Stakeholder map is a tool used in Stakeholder Analysis to group people by their power and interest. Stakeholder analysis helps you to plan, manage, and understand how to engage and communicate with all the key people who could have an impact on your project.
What is Stakeholder Mapping?
Stakeholder mapping is a way of organising all of the people who have an interest in your project in a single visual artefact. This allows you to easily see who can influence your project, and how each person is related to the other. As a consultant on a new engagement, you could typically analyse & map out your stakeholders early on during the project & continuously revise this map as stakeholders join or leave the project. Subsequently, undertaking a comprehensive stakeholder mapping early on will help prevent miscommunication, ensure that all stakeholder groups are aligned on the objectives & manage expectations about outcomes and results.
Why is Stakeholder mapping important?
Imagine you’re starting on a new project and want it to be as successful as possible. Therefore, you need answers to the following questions regarding who you should:
- Keep updated?
- Likely have questions or objections?
These are all important questions that can even derail or delay an engagement.
Benefits of Stakeholder Mapping
Stakeholders aren’t just your allies; they can also deliver insights and advice that help you shape your project. Usually, when you involve a diverse group of stakeholder from the start, they will help you create the best outline and plan for your project that will set it up for success. However, at times, you might think a certain stakeholder has a high level of influence in an engagement. But, in reality, they may actually not! Hence, identifying and gauging the interest and influence levels of stakeholders is critical for stakeholder prioritisation. You can ensure that you have considered the full range of relevant people & organisations by constructing a stakeholder map. Analysing stakeholders, grouping them based on their posture, and understanding their concerns will also help target your communications and engagement strategy.
Here’s an example of who you might involve in a new product launch / market entry consulting project:
- Financial institutions
- Business consultants
If you’re working on a project in the public sector, you have a different set of stakeholders to engage with, including:
- Business groups
- Elected representatives
- Local councils
- Trade unions
- The media
Stakeholder Mapping with MindMaps
If you need a tool for stakeholder analysis, you may find mind map very useful. A mind map is a diagram that represents words and ideas linked to and arranged radially around a central key word or idea. It is a graphical means of taking or making notes that represents connections between portions of information. You can used Mind maps to generate, visualise, structure and classify ideas. Mind maps have many applications in personal, educational, and business situations, including note taking, brainstorming, summarising, organising, problem solving, writing, revising, studying, and general clarifying of thoughts.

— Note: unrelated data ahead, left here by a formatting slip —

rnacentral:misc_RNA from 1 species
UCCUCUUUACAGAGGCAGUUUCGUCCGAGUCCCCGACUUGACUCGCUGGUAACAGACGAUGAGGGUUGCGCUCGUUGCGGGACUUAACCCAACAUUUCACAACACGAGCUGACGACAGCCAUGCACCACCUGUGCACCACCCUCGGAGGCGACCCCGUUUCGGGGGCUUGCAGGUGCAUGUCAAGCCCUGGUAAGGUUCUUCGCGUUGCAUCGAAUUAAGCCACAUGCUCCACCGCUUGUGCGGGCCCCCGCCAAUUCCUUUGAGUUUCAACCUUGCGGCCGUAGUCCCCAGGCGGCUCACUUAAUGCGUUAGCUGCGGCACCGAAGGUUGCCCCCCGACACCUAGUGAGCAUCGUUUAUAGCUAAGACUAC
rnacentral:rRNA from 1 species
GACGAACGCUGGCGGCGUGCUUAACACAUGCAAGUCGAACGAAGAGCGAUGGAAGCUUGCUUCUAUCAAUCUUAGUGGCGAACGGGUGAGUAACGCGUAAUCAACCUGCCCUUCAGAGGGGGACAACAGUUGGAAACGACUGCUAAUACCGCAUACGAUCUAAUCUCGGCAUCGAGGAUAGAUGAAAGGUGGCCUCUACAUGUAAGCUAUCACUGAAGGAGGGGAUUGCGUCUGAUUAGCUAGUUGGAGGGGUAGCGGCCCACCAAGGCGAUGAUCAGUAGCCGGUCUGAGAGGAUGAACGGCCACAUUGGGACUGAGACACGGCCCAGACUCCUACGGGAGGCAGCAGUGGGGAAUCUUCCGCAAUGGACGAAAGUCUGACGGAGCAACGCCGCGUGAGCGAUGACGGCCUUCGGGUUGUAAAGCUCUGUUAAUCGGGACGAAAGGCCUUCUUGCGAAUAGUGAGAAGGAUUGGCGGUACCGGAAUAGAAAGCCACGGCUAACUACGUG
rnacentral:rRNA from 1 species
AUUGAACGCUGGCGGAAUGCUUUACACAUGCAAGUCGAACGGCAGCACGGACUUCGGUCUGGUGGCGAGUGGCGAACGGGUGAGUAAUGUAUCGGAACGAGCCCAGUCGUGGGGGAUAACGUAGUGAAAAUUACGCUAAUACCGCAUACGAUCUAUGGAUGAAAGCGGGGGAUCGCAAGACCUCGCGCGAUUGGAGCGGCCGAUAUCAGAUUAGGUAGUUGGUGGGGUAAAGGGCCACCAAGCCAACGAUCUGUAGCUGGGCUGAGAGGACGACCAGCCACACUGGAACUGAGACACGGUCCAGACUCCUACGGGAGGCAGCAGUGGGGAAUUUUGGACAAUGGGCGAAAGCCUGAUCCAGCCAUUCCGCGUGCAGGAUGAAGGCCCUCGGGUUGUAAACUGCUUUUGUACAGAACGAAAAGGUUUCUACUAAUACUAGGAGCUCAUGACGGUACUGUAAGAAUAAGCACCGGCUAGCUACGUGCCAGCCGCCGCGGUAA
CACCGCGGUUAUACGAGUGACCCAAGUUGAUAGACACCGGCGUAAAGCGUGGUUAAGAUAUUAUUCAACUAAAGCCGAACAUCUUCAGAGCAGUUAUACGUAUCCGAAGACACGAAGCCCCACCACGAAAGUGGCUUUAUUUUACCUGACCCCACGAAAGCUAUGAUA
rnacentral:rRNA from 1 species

Usually, the challenge for most clients is that they lack a structured process to identify the right opportunities & turn them into strategic advantages. Hence, they engage the services of external professional services firms. Mind mapping helps consultants structure the various factors to create powerful pictures that provide insight and guidance to clients. Clients appreciate completed mind maps because they have, usually, never seen all of their issues & potential solutions aggregated into one place & presented in an engaging visual format.
In your initial client meeting, mind maps are an effective tool to perform a situation analysis & identify problems & client expectations. By building a mind map together in real-time, consultants can visualise the entire discovery process & provide clients with the confidence that they are truly understood. As successful client relationships are built on mutual understanding, effective communication & trust, using mind maps helps consultants even present even complex strategies in a way that’s easy for clients to understand & stay engaged throughout the journey to project completion.
Benefits of Mind Maps
Using Mind maps, Engagement Managers can quickly show relationships between the project activities and stakeholders. They can also develop mind maps that:
- Define roles and responsibilities
- Describe alternative project approaches
- List project outcomes, and
- Provide project status
Mind maps are particularly useful when the Engagement Manager and stakeholders do not share a common language; using pictures & symbols helps convey key project information in a common format that is easily understood by all parties. Furthermore, Mind maps are creative tools that can help an engagement teams design solutions to existing problems. Consultants can also use Mind maps to create a new process, service, or explore & develop objectives for a strategic goal. It also helps teams to think outside the box in a non-linear fashion & determine how things are inter-related to the issue at hand. Mind Mapping is a very intuitive way to organise your thoughts, since mind maps mimic the way our brains think; bouncing ideas off of each other, rather than thinking linearly.
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